By Gail Meyers
Echo by her mother’s grave with much more to grieve than just her death. Photo: CC0 via Pixabay | Source
I recently read a posting on one of the narcissistic personality disorder boards. An adult child of a narcissist asked about how to grieve the loss of her narcissistic mother. The question was answered by someone who, in my opinion, should not have answered. The response was, “You grieve a narcissist parent just like you would grieve for anyone else.”
As adult children of narcissistic mothers (or fathers), we have heard this kind of response most of our lives. It just seems like one more example of someone who has never experienced being the child of a narcissist failing to grasp the severity of the situation. What a woefully pitiful answer to someone who has undoubtedly already experienced so much pain and is apparently wrestling with her grief enough to post such a question on a public forum.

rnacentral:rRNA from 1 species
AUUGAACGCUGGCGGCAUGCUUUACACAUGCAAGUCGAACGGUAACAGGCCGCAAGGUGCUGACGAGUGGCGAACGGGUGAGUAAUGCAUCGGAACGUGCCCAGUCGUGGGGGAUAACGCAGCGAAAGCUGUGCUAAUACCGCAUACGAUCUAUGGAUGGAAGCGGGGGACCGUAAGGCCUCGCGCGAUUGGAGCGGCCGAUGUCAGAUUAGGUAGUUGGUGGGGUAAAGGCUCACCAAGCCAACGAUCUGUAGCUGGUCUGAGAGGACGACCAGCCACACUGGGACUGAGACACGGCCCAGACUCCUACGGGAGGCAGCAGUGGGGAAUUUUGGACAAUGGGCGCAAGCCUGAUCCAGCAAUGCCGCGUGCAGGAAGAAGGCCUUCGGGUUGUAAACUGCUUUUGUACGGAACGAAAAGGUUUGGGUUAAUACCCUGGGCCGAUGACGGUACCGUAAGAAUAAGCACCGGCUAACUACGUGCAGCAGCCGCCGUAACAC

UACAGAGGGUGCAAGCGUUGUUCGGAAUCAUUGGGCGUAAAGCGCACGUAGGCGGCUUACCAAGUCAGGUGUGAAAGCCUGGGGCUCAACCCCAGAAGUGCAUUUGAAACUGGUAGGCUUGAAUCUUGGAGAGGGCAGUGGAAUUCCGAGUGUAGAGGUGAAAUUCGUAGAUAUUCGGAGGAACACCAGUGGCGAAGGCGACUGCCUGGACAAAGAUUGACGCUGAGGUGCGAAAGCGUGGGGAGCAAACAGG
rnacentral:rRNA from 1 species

I do not particularly agree with the idea that you should grieve any two loved ones who are not narcissists the same way, let alone the idea that you should grieve a narcissistic mother just as you would anyone else.
Each of us grieves differently from one another, from one loss to the next, and maybe even from one day to the next. Perhaps the only way it is the “same” is in the general, broader sense that we all go through the five universal stages of grief:
*** Not sure how well I am doing grieving her and the loss of closure, the betrayal by my siblings and the feelings of hurt, sadness and grief.
Thankful, Grateful & Blessed!